On May 23rd, PARISOMA and faberNovel packed the house for the latest edition of its THINK&ACT Series, dedicated to the Driving Revolution.
The opening keynote was delivered by Larry Burns, former VP of R&D at General Motors and adviser for Google’s self-driving car. After an introduction by Tiago Forte, Mobility Analyst at faberNovel, 10 handpicked startups inventing the future of driving pitched their products to the audience.
Listening to conversations happening at the demo tables, the consensus of the participants was clear: the car industry is in for some drastic change, and it is coming very soon. According to those interviewed, the car industry is in the midst of a decentralization and expansion that will see many other industries impacted by these changes.
Angus Pacala, Director of Engineering at Quanergy, a Palo Alto-based startup working on a new generation of low-cost sensors, mentioned that his company is talking just as much with chipmakers as with car manufacturers.
faberNovel created an infographic to illustrate some of these changes, which was featured on Forbes: http://www.forbes.com/sites/chunkamui/2013/05/09/economic-ripple-effects-of-connected-shared-and-self-driving-cars-infographic/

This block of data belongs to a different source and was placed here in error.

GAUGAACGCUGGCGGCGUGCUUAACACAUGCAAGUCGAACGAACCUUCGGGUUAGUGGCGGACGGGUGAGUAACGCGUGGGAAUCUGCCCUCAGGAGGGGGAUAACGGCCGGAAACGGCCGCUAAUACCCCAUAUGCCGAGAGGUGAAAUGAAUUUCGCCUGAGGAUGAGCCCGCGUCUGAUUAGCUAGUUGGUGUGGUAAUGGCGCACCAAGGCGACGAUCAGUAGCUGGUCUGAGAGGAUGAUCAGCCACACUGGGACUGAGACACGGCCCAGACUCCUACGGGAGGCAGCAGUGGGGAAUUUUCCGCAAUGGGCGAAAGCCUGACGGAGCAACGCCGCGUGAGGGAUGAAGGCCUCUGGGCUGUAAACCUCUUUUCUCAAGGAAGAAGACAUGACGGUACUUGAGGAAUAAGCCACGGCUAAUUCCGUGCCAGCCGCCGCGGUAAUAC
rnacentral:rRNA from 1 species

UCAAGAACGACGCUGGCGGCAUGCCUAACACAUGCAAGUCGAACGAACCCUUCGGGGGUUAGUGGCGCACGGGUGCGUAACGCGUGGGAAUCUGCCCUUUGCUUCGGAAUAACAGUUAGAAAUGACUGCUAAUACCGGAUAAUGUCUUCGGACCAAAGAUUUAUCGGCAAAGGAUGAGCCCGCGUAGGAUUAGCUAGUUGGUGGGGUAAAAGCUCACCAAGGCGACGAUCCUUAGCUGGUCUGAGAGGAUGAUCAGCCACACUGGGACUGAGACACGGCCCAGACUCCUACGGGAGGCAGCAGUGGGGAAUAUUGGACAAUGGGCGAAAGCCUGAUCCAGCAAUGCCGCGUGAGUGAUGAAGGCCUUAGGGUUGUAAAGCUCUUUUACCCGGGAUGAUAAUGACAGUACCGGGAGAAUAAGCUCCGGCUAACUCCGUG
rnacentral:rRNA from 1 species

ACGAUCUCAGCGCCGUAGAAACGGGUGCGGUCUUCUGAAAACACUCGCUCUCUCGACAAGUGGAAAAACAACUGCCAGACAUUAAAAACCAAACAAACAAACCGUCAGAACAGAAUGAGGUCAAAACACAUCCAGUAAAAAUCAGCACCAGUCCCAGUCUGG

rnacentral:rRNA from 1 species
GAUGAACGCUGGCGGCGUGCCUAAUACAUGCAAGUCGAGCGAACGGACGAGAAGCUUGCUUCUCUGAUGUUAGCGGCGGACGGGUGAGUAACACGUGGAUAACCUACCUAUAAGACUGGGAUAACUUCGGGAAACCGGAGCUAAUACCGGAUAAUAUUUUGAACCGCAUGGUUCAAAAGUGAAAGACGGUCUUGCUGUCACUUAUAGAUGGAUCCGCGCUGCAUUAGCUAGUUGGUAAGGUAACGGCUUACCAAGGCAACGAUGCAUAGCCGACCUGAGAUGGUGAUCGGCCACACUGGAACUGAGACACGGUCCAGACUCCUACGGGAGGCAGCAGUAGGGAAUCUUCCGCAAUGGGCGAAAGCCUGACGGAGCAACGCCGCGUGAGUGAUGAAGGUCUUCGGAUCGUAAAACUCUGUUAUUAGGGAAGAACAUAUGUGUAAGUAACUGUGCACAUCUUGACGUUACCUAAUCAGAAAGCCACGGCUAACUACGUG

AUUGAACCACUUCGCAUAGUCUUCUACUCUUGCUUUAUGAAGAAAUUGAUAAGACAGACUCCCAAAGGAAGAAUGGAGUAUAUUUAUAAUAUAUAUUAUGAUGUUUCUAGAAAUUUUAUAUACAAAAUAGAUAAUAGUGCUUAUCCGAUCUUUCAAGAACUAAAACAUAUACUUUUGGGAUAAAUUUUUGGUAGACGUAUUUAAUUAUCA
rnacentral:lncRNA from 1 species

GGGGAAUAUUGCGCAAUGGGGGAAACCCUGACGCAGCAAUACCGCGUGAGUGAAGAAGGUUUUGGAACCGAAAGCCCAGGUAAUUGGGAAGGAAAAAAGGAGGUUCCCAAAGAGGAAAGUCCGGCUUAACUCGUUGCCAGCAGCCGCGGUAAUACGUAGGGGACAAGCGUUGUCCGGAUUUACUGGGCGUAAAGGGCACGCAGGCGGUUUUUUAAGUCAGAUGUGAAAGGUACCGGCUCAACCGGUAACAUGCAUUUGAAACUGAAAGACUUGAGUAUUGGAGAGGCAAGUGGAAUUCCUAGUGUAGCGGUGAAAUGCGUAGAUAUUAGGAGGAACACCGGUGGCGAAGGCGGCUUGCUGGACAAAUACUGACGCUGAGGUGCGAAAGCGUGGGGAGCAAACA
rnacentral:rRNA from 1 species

The companies that presented at Driving Revolution are tackling a variety of areas related to driving, from internet connectivity in vehicles, to electric charging, to paying for parking via smartphone, and many others.
ChargePoint, backed by Kleiner Perkins (KPCB) and BMW and Toyota as corporate investors, has developed a network of 12,000 charging stations, allowing customers to charge their EVs and pay by credit card or via a web-based subscription.
According to Kevin Doyle, Senior Applications Engineer at ChargePoint, one of the last remaining obstacles to mass adoption of electrical vehicles is the cost of batteries. However, he says that so much research is going into this problem that battery prices are likely to drop sharply in the next few years.